Bukit Brown: Consider the impact on biodiversty, says Nature Society

Straits Times Forum 29 Mar 12;

WE WISH to highlight a few points about the adverse impact on the biodiversity of the area where the Land Transport Authority (LTA) will be building a bridge as part of a road through the Bukit Brown Cemetery ('Bridge will help, say some experts'; last Friday).

The area is very rich in birdlife with 94 species recorded so far, including 15 of the 56 nationally threatened bird species listed in The Singapore Red Data Book (2008), making it a highly important wildlife habitat.

It also serves as a very important foraging ground and habitat for forest birdlife coming over from the Central Catchment Forest across Lornie Road.

The recent sighting here of a large flying fox, a bat species regarded as extinct in Singapore, promises ample opportunities for other equally exciting discoveries.

An environmental impact assessment for the whole area, and not only the transect zone, should be conducted.

The results and conclusions should be made public for comments and feedback.

The planned dual four-lane carriageway diagonally cuts across the only expansive and beautiful valley in the area. Most of the valley will be covered over by the proposed 670m-long bridge.

The thick woodland on both sides will be severely damaged if not completely wiped out. Creating a gap in the middle for sunlight to get through will cause wider destruction.

The woodland on both sides has a concentration of forest species, some endangered, such as the red-eyed bulbul and grey-headed fish eagle.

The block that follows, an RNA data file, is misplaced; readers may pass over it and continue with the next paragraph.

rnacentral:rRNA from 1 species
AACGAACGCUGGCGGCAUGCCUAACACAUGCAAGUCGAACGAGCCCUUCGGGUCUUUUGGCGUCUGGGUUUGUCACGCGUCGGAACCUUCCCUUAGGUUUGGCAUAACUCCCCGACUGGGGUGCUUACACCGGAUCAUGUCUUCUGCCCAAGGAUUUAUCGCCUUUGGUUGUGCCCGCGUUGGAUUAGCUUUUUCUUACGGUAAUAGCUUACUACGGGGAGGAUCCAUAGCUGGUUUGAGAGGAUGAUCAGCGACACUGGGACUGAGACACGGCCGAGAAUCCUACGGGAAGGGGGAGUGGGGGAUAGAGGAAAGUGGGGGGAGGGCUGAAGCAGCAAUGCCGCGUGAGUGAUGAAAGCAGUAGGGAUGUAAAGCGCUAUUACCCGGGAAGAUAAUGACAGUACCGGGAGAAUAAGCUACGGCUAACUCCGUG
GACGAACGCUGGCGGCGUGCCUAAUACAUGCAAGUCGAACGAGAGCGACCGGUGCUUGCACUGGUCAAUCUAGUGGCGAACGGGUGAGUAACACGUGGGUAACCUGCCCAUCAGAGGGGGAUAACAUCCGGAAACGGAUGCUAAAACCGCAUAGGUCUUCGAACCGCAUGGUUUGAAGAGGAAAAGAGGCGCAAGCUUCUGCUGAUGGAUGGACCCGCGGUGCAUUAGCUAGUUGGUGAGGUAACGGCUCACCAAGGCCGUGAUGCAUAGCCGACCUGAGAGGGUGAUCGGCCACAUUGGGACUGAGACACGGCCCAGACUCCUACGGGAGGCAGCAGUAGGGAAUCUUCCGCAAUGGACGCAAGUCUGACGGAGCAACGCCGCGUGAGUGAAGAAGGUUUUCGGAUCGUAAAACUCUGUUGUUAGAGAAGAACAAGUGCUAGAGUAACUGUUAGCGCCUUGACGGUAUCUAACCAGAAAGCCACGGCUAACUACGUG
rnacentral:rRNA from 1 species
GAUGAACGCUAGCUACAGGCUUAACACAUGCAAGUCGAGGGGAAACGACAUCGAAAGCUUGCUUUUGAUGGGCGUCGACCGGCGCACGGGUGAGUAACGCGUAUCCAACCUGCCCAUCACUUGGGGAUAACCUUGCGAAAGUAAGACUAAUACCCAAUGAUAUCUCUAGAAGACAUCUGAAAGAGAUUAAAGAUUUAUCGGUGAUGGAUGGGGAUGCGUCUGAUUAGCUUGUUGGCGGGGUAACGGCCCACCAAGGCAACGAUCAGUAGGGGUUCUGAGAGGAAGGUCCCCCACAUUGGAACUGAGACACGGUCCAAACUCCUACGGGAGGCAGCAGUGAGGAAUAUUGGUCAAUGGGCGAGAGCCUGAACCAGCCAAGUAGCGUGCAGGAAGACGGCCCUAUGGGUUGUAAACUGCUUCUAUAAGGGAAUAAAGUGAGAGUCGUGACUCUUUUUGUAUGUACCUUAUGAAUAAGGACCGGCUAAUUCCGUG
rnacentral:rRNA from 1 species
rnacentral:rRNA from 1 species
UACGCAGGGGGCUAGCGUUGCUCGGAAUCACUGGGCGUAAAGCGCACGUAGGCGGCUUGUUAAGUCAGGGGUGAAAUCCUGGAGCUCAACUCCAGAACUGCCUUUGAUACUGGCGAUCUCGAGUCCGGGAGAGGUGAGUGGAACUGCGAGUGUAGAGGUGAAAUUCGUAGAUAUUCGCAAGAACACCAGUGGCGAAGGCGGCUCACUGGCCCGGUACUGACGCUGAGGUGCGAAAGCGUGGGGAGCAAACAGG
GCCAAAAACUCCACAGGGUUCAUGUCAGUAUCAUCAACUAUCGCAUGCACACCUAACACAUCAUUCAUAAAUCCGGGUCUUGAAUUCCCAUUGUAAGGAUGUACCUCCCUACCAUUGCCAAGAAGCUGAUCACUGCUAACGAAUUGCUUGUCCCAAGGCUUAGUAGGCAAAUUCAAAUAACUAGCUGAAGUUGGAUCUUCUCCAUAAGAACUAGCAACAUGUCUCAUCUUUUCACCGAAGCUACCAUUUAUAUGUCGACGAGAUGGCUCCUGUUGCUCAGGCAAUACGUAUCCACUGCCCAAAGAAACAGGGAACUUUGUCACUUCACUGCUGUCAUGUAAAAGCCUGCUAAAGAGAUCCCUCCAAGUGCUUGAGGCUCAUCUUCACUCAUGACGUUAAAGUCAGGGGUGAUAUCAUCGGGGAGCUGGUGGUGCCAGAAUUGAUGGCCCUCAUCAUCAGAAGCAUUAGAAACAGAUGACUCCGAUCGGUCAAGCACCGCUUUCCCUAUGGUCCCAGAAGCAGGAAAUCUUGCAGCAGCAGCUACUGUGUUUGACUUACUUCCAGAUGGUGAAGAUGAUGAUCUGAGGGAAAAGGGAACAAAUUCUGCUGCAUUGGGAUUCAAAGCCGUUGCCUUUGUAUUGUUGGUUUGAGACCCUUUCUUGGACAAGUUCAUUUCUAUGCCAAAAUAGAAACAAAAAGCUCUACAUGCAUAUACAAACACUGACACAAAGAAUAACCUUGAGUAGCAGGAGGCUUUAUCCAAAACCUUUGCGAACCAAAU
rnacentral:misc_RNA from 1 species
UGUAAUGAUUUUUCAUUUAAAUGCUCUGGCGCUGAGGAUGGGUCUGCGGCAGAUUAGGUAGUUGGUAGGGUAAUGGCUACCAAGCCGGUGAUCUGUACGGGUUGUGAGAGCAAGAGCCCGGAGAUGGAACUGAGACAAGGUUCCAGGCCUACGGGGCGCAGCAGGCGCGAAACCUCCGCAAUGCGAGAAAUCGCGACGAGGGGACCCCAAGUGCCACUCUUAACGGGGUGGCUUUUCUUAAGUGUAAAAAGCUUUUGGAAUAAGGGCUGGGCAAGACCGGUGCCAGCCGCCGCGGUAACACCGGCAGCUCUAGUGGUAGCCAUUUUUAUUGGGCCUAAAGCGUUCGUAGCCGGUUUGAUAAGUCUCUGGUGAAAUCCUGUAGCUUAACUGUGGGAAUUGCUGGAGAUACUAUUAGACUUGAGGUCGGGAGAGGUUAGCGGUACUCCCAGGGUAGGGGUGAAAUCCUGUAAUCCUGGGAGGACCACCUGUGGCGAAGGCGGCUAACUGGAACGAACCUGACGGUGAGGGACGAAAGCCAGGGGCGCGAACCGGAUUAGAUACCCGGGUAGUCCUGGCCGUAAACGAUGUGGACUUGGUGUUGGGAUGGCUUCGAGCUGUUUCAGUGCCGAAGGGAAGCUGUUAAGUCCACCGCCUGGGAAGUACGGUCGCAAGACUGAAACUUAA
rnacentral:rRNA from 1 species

The damage or destruction of the woodland will adversely affect Bukit Brown as a foraging ground or extended habitat for the forest species.

The expressway, even with the bridge, will not be serving any residential area in the near future.

So, it is critical for the Government to justify to the public the need for this expressway and to clarify the rationale behind such a short timeline.

Dr Ho Hua Chew
Executive council member and vice-chairman
Conservation Committee
Nature Society (Singapore)

Bridge at Bukit Brown will help, say some experts
It will minimise disruption of ecosystem but more thought must be put into its design
Feng Zengkun Straits Times 29 Mar 12;

Some environment experts here believe a bridge that the Land Transport Authority (LTA) will be building as part of a road through the 200ha Bukit Brown Cemetery will help minimise disruption to the flora and fauna.

Preserving the environment would be better but since the LTA is going ahead with the road plan, more thought needs to be put into the design of this bridge.

Earlier this week, the LTA announced that a third of the planned road across the cemetery would be a bridge, to allow animals to pass under the road and preserve streams in the area. A 670m stretch of the road will climb up to 10m above ground.

Among the animals believed to be found in Bukit Brown are the sunda pangolin and monitor lizard.

The change comes after months of protests by civic groups, which have called for the whole area to be preserved for its heritage and biodiversity.

They argued that a road would disrupt animal migration patterns and vegetation in the area. After the Bukit Timah Expressway was built in 1986, slicing a vast wilderness tract in half, animals died trying to cross the road to search for food and mates. As animals have a role in pollinating plants and dispersing seeds, plant variety in the forest was also reduced.

The groups have called for a moratorium on all plans until discussions on possible alternatives have been exhausted.

Professor Peter Ng, 52, who co-edited the first encyclopaedia on Singapore's biodiversity, published last year, said that while traffic noise from the bridge may scare some animals away, others would adapt to the new situation.

Assistant Professor David Bickford, 43, from the Department of Biological Sciences at the National University of Singapore, added that in any case, many animals travel at dawn and dusk and in the night, when there is less traffic on the bridge.